Mock your network requests by defining responses.

Getting Started

  1. Create your fixtures. Either as a file, encodable types or just a plain string and add them to your app target
  2. Define your custom router the way it is described in Routing
  3. Configure the MockingbirdURLProtocolto use your custom router
  4. Configure your URLSession to use the MockingbirdURLProtocol

        let configuration = URLSessionConfiguration.default
        configuration.protocolClasses = [MockingbirdURLProtocol.self]
        MockingbirdURLProtocol.router = router
        let session = URLSession(configuration: configuration, delegate: nil, delegateQueue: nil)
        urlSession = session

A good way to integrate Mockingbird into your testing routine is by switching it on and off by using commandline arguments.

        if CommandLine.arguments.contains("-mock_backend") {

It is strongly recommended to remove all mocked related code before shipping the application. Therefore you can use the exclude rules within the build settings.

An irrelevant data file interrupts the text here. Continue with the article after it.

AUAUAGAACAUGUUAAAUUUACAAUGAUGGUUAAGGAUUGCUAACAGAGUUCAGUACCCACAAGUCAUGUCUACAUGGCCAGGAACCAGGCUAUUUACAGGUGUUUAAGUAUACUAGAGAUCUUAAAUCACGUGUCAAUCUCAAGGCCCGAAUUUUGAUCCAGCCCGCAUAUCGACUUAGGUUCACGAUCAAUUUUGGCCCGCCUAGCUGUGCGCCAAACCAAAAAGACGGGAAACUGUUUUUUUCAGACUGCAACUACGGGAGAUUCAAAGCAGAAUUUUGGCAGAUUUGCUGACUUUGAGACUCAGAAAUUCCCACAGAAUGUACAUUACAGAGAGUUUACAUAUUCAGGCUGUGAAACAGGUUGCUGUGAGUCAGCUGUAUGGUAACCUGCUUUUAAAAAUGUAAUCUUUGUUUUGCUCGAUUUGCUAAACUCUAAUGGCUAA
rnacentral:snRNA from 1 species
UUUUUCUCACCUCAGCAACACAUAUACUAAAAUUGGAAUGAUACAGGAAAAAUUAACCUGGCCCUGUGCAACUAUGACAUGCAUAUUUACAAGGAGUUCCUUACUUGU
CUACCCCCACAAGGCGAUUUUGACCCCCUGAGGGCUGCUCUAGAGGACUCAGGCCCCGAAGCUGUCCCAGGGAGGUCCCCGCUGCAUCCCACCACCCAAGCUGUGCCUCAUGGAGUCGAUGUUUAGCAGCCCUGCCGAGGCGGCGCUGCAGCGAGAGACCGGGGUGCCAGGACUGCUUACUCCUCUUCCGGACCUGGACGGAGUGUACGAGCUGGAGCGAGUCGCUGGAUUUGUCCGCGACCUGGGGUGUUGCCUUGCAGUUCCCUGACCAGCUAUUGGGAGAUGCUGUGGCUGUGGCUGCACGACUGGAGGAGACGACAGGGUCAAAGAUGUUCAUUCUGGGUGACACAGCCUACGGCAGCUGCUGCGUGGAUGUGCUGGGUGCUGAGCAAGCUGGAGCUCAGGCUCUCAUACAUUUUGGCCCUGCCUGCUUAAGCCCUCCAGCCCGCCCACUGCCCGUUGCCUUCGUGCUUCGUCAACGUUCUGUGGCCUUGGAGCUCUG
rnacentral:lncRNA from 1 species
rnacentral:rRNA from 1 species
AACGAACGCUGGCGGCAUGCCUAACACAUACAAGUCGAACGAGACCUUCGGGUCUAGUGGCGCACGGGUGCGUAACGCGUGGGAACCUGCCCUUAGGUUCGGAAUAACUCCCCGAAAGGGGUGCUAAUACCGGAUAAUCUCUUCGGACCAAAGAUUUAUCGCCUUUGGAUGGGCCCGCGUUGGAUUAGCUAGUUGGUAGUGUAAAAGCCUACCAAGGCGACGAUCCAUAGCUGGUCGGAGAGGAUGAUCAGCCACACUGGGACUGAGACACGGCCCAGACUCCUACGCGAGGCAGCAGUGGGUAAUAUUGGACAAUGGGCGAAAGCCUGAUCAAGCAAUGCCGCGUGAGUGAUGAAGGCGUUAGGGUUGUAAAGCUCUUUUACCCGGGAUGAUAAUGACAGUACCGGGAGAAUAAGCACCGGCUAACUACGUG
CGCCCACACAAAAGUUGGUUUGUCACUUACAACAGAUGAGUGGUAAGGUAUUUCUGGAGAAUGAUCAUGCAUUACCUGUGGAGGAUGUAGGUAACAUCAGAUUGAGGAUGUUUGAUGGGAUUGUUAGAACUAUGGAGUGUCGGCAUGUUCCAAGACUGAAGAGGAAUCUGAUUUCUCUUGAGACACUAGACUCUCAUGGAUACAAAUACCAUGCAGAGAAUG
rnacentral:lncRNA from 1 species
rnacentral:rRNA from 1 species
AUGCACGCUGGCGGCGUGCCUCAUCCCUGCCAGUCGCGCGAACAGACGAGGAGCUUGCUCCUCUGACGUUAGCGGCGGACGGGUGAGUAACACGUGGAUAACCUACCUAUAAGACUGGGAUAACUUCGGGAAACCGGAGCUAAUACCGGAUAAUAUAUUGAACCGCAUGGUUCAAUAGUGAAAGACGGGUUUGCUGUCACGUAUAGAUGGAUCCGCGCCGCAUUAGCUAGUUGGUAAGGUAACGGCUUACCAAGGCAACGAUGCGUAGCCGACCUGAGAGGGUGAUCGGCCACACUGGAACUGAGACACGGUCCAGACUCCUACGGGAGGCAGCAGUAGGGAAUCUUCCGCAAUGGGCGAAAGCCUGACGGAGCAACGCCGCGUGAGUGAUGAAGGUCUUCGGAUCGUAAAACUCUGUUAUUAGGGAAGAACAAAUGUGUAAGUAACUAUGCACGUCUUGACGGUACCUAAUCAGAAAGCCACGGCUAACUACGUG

A router with Mockingbird looks like this:

let router = Router {
    get("/api/account") { _ in
        Content(fileName:  "account.json", statusCode: .accepted)
    post("/api/account") { _ in
        Content("Hallo you did a post")
    get("/api/hallo/{{name}}") { request in
        Content("Hallo \(request.pathParams["name"]!)", delay: 5)

You can define path params by using a {{placeholder}} which will be handed into the content closure as a part of the RequestMetadata. Use the Content type also to specify the status code and response headers. You can also create a content response with all encodable types as they will automatically be encoded to json.


To run the example project, clone the repo, and run pod install from the Example directory first.


    pod 'Mockingbird-Networking', :configurations => ['Debug']


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